Male elderly long stay was my fifth placement and it was very much the same bar a few wanderers - not pacers, most of whom were demented and had held onto remnants of their personality.

I saw an awful thing there – it was not direct abuse but that of sheer and utter thoughtlessness, a manifestation of the warder-inmate mentality that still very much prevailed there, and it reinforced my vow to myself that once qualified I would never work in a psychiatric hospital – this vow I had made on female elderly and it is a vow I kept.

Anna :o]

Entered at Open Link Night at dVerse Poets Pub – thanks dVerse!

24 comments:

Brian Miller said...

ugh...hard...the last 2 lines in your poem are the punch to me...they need compassion, but its not here...and that is heart breaking...esp considering their situation...and it just makes me sad and angry a bit you know...to see them fade...

Anonymous said...

Wow Anna, this is so powerful! You've done a tremendous job describing the stages and state of the elderly waiting around. I love the line "their memories leach into the chairs". It's so sad and this really touched me. Well done!!!

Poetry and Icecream said...

Wow Anna, this is so powerful! You've done a tremendous job describing the stages and state of the elderly waiting around. I love the line "their memories leach into the chairs". It's so sad and this really touched me. Well done!!!

Frances Garrood said...

Brilliant! And so true, too. Funnily enough, the novel I'm working on has just such a setting. As a nurse, I've worked in these places. Sheer hell.

Claudia said...

my mom used to work in a home for elderly people and sometimes she took us kids with her...so i knew how tight the schedules are but still she managed to bring a bit light into their day...that's what stayed with me over the year...enjoyed your poem anna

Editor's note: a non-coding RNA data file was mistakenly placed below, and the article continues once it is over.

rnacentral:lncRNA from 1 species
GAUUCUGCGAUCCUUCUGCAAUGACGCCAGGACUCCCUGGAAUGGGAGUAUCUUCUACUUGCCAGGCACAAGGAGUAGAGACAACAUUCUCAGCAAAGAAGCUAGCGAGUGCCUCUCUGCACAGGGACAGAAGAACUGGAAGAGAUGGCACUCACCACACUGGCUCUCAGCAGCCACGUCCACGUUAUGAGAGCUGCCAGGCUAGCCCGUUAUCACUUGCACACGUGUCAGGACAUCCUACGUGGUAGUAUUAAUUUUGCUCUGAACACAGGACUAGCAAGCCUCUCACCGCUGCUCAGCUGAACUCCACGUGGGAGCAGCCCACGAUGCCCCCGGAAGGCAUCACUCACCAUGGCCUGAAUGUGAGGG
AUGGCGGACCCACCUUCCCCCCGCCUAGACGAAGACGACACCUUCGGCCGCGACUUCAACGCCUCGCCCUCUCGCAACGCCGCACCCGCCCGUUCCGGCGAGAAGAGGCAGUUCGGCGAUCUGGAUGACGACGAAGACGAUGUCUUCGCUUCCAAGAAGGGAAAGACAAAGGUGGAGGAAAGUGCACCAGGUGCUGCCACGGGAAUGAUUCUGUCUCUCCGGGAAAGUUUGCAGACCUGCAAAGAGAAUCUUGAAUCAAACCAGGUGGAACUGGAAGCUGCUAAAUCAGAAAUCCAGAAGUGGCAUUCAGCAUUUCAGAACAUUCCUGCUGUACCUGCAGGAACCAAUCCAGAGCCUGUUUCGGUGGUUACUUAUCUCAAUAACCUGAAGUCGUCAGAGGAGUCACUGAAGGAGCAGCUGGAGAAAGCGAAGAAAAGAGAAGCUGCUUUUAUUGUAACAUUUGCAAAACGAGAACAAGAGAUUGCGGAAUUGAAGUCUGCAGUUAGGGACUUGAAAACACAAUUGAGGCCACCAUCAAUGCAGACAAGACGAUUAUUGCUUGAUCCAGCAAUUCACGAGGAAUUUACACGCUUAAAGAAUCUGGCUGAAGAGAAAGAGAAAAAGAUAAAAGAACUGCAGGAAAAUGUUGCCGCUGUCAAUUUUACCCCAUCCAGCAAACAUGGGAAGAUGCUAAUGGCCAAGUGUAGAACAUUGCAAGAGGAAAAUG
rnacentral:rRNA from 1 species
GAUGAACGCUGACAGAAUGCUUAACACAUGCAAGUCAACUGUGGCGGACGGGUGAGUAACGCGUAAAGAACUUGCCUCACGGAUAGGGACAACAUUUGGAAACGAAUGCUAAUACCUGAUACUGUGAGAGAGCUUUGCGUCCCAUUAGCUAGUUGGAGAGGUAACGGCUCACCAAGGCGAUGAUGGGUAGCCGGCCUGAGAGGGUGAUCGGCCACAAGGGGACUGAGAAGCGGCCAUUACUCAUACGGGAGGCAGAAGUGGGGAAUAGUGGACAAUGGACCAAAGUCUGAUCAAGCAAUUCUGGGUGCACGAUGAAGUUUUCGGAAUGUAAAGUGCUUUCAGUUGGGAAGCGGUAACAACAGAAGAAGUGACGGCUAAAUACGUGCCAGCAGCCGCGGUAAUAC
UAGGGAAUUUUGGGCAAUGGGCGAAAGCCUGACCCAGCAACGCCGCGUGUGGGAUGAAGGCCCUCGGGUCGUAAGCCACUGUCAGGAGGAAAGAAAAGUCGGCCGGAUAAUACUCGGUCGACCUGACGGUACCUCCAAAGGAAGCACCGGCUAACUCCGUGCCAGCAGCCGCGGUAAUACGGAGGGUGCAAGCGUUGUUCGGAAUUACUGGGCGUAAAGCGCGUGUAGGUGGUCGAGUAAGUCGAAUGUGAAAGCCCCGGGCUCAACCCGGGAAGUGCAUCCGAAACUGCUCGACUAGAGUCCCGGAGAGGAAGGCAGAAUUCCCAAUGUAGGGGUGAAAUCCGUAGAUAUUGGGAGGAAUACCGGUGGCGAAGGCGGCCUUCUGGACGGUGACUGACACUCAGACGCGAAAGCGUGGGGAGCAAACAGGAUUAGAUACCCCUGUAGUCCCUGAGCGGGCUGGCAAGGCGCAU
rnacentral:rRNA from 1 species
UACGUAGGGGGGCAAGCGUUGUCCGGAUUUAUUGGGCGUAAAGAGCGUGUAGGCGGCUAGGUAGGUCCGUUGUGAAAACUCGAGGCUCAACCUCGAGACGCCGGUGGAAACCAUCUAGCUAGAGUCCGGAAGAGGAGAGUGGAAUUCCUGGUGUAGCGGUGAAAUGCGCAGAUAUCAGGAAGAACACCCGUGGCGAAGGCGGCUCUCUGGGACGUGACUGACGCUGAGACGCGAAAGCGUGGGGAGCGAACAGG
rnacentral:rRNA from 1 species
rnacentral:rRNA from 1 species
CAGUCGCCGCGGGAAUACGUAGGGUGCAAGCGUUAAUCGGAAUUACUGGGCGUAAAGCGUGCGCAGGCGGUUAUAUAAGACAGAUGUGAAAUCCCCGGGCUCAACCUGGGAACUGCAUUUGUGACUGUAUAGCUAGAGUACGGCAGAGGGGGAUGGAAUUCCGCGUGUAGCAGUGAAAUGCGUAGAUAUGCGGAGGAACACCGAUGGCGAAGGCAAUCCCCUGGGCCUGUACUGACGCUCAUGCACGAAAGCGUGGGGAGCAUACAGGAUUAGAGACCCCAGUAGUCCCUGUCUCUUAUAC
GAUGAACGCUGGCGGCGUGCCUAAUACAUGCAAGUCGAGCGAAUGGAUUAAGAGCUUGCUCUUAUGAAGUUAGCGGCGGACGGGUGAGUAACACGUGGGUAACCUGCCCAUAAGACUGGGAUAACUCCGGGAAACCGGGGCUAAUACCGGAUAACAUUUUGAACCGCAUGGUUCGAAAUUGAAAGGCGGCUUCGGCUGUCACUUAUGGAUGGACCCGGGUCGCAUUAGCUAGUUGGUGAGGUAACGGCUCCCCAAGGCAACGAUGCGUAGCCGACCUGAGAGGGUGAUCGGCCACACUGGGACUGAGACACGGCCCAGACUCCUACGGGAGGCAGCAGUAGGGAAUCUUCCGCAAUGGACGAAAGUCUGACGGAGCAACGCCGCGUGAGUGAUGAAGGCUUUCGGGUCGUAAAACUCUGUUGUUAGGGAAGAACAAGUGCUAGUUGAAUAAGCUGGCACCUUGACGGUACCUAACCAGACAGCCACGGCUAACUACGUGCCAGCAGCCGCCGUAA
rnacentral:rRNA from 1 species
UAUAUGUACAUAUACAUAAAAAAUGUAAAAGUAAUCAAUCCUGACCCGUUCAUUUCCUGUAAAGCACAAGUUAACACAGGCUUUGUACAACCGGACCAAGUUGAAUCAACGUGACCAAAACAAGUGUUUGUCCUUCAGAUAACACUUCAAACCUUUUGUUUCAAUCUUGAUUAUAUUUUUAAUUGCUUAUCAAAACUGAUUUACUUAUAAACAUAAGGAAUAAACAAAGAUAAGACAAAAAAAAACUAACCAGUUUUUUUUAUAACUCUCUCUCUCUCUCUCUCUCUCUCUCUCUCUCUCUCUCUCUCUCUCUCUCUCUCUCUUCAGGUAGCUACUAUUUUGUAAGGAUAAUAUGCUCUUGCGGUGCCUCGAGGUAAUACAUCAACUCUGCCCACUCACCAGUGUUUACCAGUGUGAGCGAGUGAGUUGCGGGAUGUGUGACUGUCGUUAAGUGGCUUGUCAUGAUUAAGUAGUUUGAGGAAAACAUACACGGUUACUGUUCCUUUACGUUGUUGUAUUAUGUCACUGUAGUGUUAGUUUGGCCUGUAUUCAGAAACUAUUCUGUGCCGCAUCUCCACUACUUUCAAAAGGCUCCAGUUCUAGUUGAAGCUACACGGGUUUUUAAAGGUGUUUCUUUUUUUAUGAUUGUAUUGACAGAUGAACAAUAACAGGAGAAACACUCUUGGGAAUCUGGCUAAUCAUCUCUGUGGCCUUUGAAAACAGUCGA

^.^ said...

I worked in psych all my life ... many a time I felt like bolting so bad ... then I thought of the patients that want to bolt so bad but can't ... I love them too much to leave them ... one touch, one word, one song, one more minute ... and stay humble ... stay humble, my friend ... Love, cat.

dodododododododo said...

Repeating myself: publish.

Anonymous said...

Publish, don't worry, you won't earn a penny. Not for money. Publish.

Steve E said...

How sad a commentary on reality of life after 60..for some. Those of us who are 20 years beyond that (79 on 25th this month!) feel so blessed with not PERFECT...but comparatively good health.

We get to ride our scooters from Naples FL to Richmond VA to Charleston SC, to Gatlinburg, TN--you get the picture! It sure beats walking the 'prison' corridor, making the 'rounds'. Or OMG! sitting in row after row after row in a chair. (I'd rather die...well, it IS a death!)

Good poem. Thanks. Have a great career, wherever that is!
PEACE!

Martin said...

A powerful piece. Over the years, we've seen a great deal of rest homes, nursing homes, etc. My wife worked in one for three years. Your words will strike a chord with many.

Dave King said...

I've seen these places. Dante could not have thought, nor have described it in more biting terms than you have. The whole is harrowing enough, but nothing beats:-

to restrain (by indifference)
in chairs upholstered
in the ghosts of those long dead.

and its essential truth. Well spoken

miffy said...

ahh if it could all be fantacy,but its all to true